Serra Angel: The fact that this Angel can’t be countered is good news for everyone but the players that use countermagic.

Serra’s Embrace: First they put in Serra Advocate. Then Serra Angel. And now this! Come on WotC, dammit! Quit building our decks for us!

Shield Wall: One of the rare cards that fits great in Limited but sucks in Constructed. It almost reminds me of Masticore.

Skyshroud Falcon: Don’t kid yourself -“protection from blue” will be a major factor in deck construction for the next year or so.

Southern Paladin: Better than Northern Paladin, but this card’s alternate casting cost isn’t as reliable. Always pay full price for this guy.

Spirit Link: Putting this on your opponents Blastoderm = win.

Standing Troops: I thought about getting a few copies of this card, but then I remembered that I already had some, which means that I don’t have to go about acquiring any more. If you have some, then you won’t need to get any either.

Starlight: The fact that you can sacrifice this to draw four cards after it deals its damage isn’t as good as it sounds. Trust me.

Staunch Defenders: I used to think this guy was good in Urza Block, but he’ll shine in a Five-Color White deck when Mirage rotates out.

Sunweb: I traded four of these for four Ports, six Masticores, three Squees, and seventeen Morphlings before I found out that it was coming back in 7th Edition. I got ripped. Hard.

Sustainer of the Realm: Better than Planeshift’s familiars. ‘Nuff said.

Venerable Monk: Combos well with Bull Hippo and Wall of Tears.

Vengeance: This card rocks in Mental Magic. First pick!

Wall of Swords: Um, I thought trample wasn’t supposed to be in the base sets? Hello? R&D, what’s going on?

Worship: And you thought Necropotence was card advantage?

Wrath of God: It’s very good as fodder for Pyroclasm, and maybe even better as a pump to save your Mogg Toady, but it’s sort of limited in its ability and a little overcosted for its limited ability.


Air Elemental: A super card for Stompy; don’t let the echo deter you from bringing the beats.

Ancestral Memories: Probably one of the strongest Constructed cards ever printed, especially if you can draft it in multiples.

Arcane Laboratory: This card just houses Yawgmoth’s Agenda and that was probably the reason that it was brought back. Just in time, in my opinion.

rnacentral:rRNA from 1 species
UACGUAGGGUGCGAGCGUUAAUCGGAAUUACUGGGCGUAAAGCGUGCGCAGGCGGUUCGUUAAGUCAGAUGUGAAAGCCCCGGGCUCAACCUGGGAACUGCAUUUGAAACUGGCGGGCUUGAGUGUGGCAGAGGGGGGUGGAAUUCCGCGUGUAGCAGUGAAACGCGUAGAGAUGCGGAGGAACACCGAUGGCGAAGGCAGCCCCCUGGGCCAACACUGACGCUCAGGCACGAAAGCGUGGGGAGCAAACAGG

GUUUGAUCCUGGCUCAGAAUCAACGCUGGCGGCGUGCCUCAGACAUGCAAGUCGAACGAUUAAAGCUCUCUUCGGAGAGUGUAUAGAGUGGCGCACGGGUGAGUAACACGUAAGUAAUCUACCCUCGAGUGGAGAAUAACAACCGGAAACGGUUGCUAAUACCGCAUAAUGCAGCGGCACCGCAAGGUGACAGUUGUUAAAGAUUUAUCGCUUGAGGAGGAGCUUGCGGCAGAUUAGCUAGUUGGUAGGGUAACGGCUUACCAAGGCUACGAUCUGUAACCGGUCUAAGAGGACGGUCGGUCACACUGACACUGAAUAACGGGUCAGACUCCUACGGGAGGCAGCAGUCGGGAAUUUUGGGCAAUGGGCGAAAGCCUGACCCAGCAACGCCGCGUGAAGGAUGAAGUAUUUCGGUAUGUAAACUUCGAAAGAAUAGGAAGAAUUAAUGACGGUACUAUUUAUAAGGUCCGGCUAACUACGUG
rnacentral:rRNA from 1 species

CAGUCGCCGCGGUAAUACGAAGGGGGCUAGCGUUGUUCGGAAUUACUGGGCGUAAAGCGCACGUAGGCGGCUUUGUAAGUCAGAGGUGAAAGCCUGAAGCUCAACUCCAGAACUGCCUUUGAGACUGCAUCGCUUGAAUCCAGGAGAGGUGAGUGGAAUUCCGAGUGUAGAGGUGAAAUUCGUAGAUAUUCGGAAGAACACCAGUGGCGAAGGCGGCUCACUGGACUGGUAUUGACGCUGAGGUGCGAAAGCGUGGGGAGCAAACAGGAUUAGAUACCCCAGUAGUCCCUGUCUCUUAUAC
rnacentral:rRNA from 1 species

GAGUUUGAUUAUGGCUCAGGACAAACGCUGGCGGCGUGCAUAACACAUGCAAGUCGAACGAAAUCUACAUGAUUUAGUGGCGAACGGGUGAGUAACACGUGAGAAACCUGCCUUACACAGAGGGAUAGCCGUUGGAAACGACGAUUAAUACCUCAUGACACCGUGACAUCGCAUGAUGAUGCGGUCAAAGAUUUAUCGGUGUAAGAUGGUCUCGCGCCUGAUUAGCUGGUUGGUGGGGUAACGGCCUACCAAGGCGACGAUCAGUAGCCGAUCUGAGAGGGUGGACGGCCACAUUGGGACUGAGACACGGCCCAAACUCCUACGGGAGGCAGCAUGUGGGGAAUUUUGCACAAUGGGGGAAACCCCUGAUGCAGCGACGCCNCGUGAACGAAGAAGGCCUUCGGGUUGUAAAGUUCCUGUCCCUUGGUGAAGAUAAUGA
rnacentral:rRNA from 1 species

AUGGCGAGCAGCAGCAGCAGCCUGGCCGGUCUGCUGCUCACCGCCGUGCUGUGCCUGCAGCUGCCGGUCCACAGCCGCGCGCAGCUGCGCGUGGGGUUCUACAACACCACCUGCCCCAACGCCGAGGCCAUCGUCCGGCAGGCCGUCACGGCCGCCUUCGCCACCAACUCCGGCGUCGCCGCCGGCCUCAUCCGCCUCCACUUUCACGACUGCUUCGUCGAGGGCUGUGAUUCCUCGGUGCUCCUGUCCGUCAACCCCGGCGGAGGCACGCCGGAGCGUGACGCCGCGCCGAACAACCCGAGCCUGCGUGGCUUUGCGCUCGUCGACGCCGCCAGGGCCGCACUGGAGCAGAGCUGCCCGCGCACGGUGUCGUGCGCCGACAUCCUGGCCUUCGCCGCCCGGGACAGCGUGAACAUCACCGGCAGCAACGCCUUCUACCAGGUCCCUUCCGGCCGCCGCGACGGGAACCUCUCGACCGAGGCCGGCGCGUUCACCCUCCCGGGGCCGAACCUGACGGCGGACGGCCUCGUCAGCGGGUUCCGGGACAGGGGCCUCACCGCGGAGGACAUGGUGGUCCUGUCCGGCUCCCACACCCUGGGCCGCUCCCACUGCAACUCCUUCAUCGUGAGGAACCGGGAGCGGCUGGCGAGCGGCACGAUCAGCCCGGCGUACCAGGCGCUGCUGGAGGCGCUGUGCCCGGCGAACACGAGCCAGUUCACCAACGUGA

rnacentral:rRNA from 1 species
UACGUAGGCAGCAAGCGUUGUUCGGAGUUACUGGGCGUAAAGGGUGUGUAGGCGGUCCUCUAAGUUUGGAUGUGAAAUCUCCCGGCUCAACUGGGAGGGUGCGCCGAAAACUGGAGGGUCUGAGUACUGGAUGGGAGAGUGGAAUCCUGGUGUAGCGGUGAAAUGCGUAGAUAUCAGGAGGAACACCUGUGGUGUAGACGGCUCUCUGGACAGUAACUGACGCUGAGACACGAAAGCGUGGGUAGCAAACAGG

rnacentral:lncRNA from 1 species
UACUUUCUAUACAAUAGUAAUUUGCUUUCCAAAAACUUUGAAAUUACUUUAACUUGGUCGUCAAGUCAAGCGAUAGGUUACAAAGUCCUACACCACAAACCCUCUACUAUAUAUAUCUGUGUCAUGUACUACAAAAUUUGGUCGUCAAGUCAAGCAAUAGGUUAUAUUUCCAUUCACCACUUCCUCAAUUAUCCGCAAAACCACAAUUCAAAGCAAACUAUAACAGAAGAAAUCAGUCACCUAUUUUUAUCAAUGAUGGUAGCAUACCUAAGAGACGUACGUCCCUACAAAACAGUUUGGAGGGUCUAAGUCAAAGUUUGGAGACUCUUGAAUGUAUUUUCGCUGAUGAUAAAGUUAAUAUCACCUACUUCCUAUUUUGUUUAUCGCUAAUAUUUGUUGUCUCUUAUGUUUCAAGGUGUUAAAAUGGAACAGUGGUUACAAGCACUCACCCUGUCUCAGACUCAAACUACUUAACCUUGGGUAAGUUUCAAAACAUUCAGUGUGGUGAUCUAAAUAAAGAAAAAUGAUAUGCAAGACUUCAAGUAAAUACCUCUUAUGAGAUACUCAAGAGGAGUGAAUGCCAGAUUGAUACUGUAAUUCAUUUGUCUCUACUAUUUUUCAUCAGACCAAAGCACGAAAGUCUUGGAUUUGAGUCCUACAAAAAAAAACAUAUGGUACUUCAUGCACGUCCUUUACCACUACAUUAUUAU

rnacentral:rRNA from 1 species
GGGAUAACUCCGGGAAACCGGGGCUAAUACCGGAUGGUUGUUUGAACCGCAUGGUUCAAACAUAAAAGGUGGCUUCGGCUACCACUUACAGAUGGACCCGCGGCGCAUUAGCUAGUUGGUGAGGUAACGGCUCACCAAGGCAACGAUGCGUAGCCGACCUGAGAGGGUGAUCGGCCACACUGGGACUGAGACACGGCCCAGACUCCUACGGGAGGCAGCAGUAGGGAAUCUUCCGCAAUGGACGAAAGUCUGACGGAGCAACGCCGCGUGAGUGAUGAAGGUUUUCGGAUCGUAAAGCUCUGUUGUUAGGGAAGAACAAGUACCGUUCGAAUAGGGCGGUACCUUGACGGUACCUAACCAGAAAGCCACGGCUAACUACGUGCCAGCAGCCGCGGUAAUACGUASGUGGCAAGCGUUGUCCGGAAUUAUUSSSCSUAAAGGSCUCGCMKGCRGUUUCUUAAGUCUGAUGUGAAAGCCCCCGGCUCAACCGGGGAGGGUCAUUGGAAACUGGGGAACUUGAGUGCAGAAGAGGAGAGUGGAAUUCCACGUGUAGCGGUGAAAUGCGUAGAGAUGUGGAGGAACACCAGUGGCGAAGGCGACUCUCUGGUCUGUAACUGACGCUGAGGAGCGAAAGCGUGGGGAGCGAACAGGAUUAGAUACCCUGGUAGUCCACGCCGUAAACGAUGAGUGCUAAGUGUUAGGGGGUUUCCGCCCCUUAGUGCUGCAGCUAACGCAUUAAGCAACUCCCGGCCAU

Archivist: I remember seeing this in many Pro Tour 1 decks and I think that it still has the power to make an impact on the environment, but I’m not sure.

Baleful Stare: A staple of Replenish decks that was usually heavily played in Replenish decks.

Benthic Behemoth: Much like Morphling, this guy gives you a way to end the game quickly, even if you have to discard your hand, sacrifice all your lands, pay half your life rounded up, and donate three pints of blood during your upkeep.

Boomerang: Infinitely better than Cursed Scroll, and more broken due to it being a continuous damage source.

Confiscate: Not sure what the point of this card is, but it looks pretty strong in the right deck. Maybe blue could find a way to use it to its full potential.

Coral Merfolk: The best example of a”win more” card ever printed.

Counterspell: Worse than flexible counters like Prohibit, Rethink, and Mana Leak, but someone in R&D obviously loves this card.

Daring Apprentice: This card looks like it will be very good at some things. That alone might make it good at a few things.

Deflection: Two words: Wakefield Fattie.

Delusions of Mediocrity: I’ve found that most cards that have the word”of” in their name are very sound in Limited. This is likely to be just another example that holds true to form.

Equilibrium: This card sports a 6:5 vowel-to-consonant ratio. I think you know what that means!

Evacuation: A wonderful card to put in a blue deck if your mana can support it. If it can’t, you should probably try to draft some blue mana sources.

Fighting Drake: Much like Waylay, this card will soon need to see errata to prevent confusing”at end of turn” interactions.

Fleeting Image: I suspect that his gating will be too difficult to manage, but I leave it up to you guys to prove me wrong.

Flight: This makes Rancor look plain stupid. Four of these will make any deck better, even though some decks will get worse by using this card.

Force Spike: The effect this card will have on a game can be very great. Or pretty good. Or even not much. It all depends.

Giant Octopus: WotC won’t reprint Black Lotus, but they put this bomb in 7th. What the hell is wrong with them?

Glacial Wall: Superb when you only have one card in hand; otherwise, very average. Still, a first pick.

Hibernation: In the Draw-Go mirror match, whoever draws this card first will win every time.

Horned Turtle: Depending on the momentum of the game, this card can swing the momentum to your side, or it can give the momentum back to your opponent if you had the momentum and are beginning to lose it.

Inspiration: I used to think that creature enchantments were ass, but this card has made me see the light. Works great in a creatureless deck.

Levitation: One word: Mize.

Lord of Atlantis: Giving haste to all your opponents creatures doesn’t sound too good to me at all. Maybe Zvi can figure a way to eliminate the drawback, but I sure can’t.

Mahamoti Djinn: A crappy version of Zanam Djinn. I guess not every card can be as good as the original. And this is proof.

Mana Breach: The fact that this card will be put into every deck, even the decks that can’t cast it, is a testament to its power.